ef core best practice to update complexe objects

api asp.net-core c# entity-framework-core sql

Question

We are leading into some issues with ef-core on sql databases in a web-api when trying to update complexe objects on the database provided by a client.

A detailed example: When receiving an object "Blog" with 1-n "Posts" from an client and trying to update this existing object on database, should we:

  1. Make sure the primary keys are set and just use dbContext.Update(blogFromClient)
  2. Load and track the blog while including the posts from database, then patch the changes from client onto this object and use SaveChanges()

When using approach (1) we got issues with:

  1. Existing posts for the existing blog on database are not deleted when the client does not post them any more, needing to manually figure them out and delete them

  2. Getting tracking issues ("is already been tracked") if dependencies of the blog (for example an "User" as "Creator") are already in ChangeTracker

  3. Cannot unit test our business logic without using a real DbContext while using a repository pattern (tracking errors do just not exist)

  4. While using a real DbContext with InMemoryDatabase for tests cannot rely on things like foreign-key exceptions or computed columns

when using approach (2):

  1. we can easily manage updated relations and keep an easy track of the object
  2. lead into performance penalty because of loading the object which we do not really need
  3. need to map many manual things as tools like AutoMapper cannot be used to automaticlly map objects with n-n relations while keeping a correct track by ef core (getting some primary key errors, as some objects are deleted from lists and are added again with the same primary key, which is not allowed as the primary key cannot be set on insert)
  4. n-n relations can be easily damaged by this as on database there could be n-n blog to post, while the post in blog does hold the same relation to its posts. if only one relation is (blog to post, but not post to blog - which is the same in sql) is posted and the other part is deleted from list, ef core will track this entry as "deleted".

in vanilla SQL we would manage this by

  1. deleting all existing relations for the blog to posts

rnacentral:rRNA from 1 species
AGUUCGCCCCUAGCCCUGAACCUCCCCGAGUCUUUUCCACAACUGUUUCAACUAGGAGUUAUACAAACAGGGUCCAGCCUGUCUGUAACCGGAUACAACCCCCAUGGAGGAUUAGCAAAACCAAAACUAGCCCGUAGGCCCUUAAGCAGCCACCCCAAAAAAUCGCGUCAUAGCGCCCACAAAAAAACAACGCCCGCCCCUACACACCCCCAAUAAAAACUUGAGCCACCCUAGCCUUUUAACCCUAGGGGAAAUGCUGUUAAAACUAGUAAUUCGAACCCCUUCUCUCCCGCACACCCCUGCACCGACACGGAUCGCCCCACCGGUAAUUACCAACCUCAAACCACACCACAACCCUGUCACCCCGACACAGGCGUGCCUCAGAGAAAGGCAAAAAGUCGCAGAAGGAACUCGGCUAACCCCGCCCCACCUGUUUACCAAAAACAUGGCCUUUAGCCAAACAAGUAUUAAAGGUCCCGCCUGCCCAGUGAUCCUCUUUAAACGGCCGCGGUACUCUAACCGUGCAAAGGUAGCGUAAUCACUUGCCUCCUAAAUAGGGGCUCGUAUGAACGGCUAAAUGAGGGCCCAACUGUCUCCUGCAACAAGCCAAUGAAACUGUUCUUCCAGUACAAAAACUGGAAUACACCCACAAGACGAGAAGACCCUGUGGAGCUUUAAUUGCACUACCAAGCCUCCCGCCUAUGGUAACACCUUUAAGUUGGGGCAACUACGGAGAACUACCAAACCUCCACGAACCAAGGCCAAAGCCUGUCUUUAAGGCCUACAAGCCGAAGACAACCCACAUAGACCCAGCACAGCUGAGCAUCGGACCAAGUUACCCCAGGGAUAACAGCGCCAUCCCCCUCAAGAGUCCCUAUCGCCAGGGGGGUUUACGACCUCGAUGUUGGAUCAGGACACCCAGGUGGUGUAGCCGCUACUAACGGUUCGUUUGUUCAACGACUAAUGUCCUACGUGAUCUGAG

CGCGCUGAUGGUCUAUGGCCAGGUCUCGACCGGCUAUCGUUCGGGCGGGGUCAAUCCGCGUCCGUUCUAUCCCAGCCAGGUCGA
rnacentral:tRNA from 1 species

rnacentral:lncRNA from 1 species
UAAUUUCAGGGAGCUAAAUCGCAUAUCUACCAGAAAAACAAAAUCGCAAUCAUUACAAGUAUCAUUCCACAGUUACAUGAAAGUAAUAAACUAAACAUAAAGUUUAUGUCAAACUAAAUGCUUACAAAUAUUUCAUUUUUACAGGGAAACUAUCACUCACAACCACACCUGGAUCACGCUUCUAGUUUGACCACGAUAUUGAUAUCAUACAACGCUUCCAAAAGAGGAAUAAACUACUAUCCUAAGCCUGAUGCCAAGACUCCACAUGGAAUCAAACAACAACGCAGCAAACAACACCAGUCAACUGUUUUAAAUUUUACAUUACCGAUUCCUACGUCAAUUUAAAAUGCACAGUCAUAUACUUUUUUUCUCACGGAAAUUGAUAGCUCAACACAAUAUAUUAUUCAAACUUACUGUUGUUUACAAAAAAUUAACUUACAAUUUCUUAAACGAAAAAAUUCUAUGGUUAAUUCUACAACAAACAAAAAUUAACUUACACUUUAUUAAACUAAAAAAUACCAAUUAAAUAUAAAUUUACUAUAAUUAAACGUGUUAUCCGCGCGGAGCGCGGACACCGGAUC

2. updating the post itself
  3. creating all new relations

in ef core we cannot write such statements like deleting of bulk relations without loading them before and then keeping detailed track on each relation.

Is there any best practice, how to handle an update of complexe objects with deep relations while getting the "new" data from a client?

1
0
12/10/2019 10:40:54 AM

Accepted Answer

The correct approach is #2: "Load and track the blog while including the posts from database, then patch the changes from client onto this object and use SaveChanges()".

As to your concerns:

lead into performance penalty because of loading the object which we do not really need

You are incorrect in assuming you don't need this. You do in fact need this because you absolutely shouldn't be posting every single property on every single entity and related entity, including things that should not be be changed like audit props and such. If you don't post every property, then you will end up nulling stuff out when you save. As such, the only correct path is to always load the full dataset from the database and then modify that via what was posted. Doing it any other way will cause problems and is totally and completely 100% wrong.

need to map many manual things as tools like AutoMapper cannot be used to automaticlly map objects with n-n relations while keeping a correct track by ef core

What you're describing here is a limitation of any automatic mapping. In order to map entity to entity in collections, the tool would have to somehow know what identifies each entity uniquely. That's usually going to be a PK, of course, but AutoMapper doesn't (and shouldn't) make assumptions about that. Instead, the default and naive behavior is to simply replace the collection on the destination with the collection on the source. To EF, though, that looks like you're deleting everything in the collection and then adding new items to the collection, which is the source of your issue.

There's two paths forward. First, you can simply ignore the collection props on the source, and then manually map these. You can still use AutoMapper for the mapping, but you'd simply need to iterate over each item in the collection individually matching it with the appropriate item that should map to it, based on your knowledge of what identifies the entity (i.e. the part AutoMapper doesn't know).

Second, there's actually an additional library for AutoMapper to make this easier: AutoMapper.Collection. The entire point of this library is to provide the ability to tell AutoMapper how to identify your entities, so that it can then map collections correctly. If you utilize this library and add the additional necessary configuration, then you can map your entities as normal without worrying about collections getting messed up.

1
12/10/2019 2:13:38 PM


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